There are plenty of enemy propaganda rumors being circulated within our Army. We are not surprised about that. After all, the rumor is a perfectly legitimate weapon in modern warfare and the enemy would be a sap if he didn’t try to make use of it. It’s safe to say that we have probably planted a few rumors of our own—nice fat ones with whiskers—in the bars and men’s rooms in Berlin and Munich where they will do us the most good.

But we are surprised at the way that Americans in the armed forces keep falling for these enemy rumors. Not the clever ones, either, but the out-and-out cock-and-bull stories that anybody with even a suggestion of intelligence ought to be able to see through at first glance.

Take, for instance, that rumor about Mrs. Roosevelt and the Marines. You’ve hear it all over the Pacific and also in Panama, only down there the rumor-spreaders put the Army into it instead of the Marines. The story is that Mrs. Roosevelt made a speech on the radio demanding that no marine should be allowed to return home from foreign service or be allowed to marry until he had proper medical treatment for you-know-what. Not only that, Mrs. Roosevelt was supposed to have said she was in favor of segregating returning marines on an island off the coast until they were certain as clean.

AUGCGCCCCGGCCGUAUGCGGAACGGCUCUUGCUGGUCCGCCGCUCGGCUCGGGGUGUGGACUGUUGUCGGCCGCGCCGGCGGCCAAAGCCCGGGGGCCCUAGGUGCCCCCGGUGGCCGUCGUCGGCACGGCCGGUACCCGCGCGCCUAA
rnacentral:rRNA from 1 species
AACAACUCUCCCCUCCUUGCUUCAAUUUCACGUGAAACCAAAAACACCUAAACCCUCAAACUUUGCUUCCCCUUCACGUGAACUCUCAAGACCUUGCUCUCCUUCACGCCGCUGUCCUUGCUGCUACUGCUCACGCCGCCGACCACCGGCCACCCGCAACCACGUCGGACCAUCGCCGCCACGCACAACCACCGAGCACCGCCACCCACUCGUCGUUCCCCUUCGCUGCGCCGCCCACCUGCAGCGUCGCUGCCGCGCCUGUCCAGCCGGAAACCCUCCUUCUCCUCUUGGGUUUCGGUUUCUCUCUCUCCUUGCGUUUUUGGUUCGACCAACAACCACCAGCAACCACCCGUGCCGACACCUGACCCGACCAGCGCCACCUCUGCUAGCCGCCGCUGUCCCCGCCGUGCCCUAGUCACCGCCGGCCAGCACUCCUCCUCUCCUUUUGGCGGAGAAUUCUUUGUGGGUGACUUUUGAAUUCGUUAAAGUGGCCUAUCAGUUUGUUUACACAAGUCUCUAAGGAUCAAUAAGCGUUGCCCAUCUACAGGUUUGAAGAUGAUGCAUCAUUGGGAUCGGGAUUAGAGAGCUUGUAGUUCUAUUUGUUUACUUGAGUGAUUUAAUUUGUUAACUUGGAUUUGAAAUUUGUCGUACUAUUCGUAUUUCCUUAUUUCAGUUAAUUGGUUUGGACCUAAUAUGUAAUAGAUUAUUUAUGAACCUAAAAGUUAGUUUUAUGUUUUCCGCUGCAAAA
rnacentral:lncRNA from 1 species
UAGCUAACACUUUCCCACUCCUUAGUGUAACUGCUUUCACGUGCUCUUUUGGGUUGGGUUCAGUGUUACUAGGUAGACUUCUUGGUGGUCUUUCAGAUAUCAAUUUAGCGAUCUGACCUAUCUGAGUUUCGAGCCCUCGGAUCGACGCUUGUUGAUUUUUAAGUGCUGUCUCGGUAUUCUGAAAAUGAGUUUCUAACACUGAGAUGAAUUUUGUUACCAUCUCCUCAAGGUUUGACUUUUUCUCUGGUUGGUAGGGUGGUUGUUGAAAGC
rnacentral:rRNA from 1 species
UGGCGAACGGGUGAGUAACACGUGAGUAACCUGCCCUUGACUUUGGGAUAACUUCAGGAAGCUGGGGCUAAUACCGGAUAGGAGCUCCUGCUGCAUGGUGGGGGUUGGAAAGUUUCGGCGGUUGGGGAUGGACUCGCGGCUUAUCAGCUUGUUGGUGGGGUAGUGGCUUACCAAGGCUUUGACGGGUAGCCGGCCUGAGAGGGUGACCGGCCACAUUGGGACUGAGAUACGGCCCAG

elanor roosevelt

Eleanor Roosevelt meets with sailors in the Galapagos Islands.

How anybody could believe that one is beyond us. But Mrs. Roosevelt reported in her newspaper column recently that during her travels in the Pacific she heard about marines in New Zealand who not only believed it but were plenty sore about it. None of them, of course, heard it on the radio himself. They got it from somebody who heard it from somebody else.

As Mrs. Roosevelt points out and as any sensible person would know without having it pointed out, no broadcasting company would ever allow here to make such statements over the air. “I have never made them either in public or private because such thoughts have never been in my mind,” she adds.

We should be ashamed to admit that the enemy could put over such an obvious fifth-column rumor as this one on the men in our armed forces. But he has put it over; in fact, so successfully that the wife of the President has been forced to make a public denial of the story.

If P.T. Barnum heard about the way some soldiers, sailors and marines swallow rumors, he would probably change his estimation of the birth rate of suckers. In the armed forces, there is one born every 30 seconds.

eleanor roosevelt, general harmon, admiral halsey, wwii new caledonia

Eleanor Roosevelt, General Harmon and Admiral Halsey in New Caledonia

For More on Eleanor Roosevelt Check Out:

The Autobiography of Eleanor Roosevelt

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  • Bill Getz says:

    Never heard about this one or my memory of that period has deteriorated; probably the latter. This was not a major issue of the war.

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